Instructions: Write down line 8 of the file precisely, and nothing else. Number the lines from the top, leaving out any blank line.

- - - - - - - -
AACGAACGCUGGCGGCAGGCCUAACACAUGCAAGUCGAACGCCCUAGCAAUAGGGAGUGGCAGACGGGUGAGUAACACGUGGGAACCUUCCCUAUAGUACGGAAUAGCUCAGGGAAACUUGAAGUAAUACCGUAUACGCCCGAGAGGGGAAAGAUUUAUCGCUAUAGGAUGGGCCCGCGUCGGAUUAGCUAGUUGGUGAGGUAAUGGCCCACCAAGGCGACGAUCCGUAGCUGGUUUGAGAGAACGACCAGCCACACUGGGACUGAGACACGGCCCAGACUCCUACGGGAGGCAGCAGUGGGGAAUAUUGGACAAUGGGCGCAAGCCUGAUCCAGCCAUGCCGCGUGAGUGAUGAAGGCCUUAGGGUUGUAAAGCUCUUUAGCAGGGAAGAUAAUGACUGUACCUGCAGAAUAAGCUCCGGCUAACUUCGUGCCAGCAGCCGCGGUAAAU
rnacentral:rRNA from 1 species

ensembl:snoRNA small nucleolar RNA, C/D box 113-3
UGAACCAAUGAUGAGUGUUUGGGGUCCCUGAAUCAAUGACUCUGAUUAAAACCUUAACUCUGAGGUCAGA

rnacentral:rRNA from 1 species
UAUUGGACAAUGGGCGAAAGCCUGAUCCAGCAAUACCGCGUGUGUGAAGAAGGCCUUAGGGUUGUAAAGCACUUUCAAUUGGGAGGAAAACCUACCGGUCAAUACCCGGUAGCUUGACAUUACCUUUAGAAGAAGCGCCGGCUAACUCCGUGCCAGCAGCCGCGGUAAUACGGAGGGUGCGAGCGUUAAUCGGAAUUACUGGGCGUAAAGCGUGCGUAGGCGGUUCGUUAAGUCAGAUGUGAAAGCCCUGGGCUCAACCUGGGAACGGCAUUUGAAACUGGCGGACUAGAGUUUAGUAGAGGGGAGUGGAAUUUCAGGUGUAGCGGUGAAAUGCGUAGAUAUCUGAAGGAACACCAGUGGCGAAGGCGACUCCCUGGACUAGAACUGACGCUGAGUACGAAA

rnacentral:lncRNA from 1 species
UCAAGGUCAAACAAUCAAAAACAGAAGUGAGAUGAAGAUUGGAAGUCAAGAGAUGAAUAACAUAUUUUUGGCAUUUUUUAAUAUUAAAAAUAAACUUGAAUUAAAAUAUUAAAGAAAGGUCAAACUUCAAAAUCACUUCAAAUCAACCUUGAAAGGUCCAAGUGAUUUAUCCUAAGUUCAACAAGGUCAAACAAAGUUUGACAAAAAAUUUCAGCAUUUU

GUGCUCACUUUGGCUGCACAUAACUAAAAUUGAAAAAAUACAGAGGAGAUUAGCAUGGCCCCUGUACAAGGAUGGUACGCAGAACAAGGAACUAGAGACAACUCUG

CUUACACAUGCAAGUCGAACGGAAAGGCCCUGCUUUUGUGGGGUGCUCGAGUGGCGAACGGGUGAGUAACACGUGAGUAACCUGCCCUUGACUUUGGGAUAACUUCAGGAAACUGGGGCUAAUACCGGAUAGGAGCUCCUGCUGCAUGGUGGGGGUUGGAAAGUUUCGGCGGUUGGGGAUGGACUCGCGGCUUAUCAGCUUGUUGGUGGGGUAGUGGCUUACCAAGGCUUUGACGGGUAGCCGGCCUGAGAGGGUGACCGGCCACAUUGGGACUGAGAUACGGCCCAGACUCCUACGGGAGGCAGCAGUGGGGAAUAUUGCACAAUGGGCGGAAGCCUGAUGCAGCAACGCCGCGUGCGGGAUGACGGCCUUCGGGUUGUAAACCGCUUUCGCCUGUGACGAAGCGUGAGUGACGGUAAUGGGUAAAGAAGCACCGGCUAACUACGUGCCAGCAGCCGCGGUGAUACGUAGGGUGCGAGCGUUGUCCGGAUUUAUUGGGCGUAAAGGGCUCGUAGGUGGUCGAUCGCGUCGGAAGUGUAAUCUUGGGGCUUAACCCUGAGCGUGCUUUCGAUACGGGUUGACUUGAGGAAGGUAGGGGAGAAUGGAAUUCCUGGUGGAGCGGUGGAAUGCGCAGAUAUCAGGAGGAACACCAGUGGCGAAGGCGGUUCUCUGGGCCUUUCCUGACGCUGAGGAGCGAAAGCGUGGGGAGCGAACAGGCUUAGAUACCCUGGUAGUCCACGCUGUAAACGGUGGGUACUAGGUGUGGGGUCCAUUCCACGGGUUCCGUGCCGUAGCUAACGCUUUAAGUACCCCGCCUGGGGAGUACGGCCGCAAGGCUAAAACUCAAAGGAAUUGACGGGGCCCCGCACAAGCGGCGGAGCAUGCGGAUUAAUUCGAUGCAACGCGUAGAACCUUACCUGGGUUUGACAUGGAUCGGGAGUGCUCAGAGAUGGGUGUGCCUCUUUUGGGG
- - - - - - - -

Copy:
UCAAGGUCAAACAAUCAAAAACAGAAGUGAGAUGAAGAUUGGAAGUCAAGAGAUGAAUAACAUAUUUUUGGCAUUUUUUAAUAUUAAAAAUAAACUUGAAUUAAAAUAUUAAAGAAAGGUCAAACUUCAAAAUCACUUCAAAUCAACCUUGAAAGGUCCAAGUGAUUUAUCCUAAGUUCAACAAGGUCAAACAAAGUUUGACAAAAAAUUUCAGCAUUUU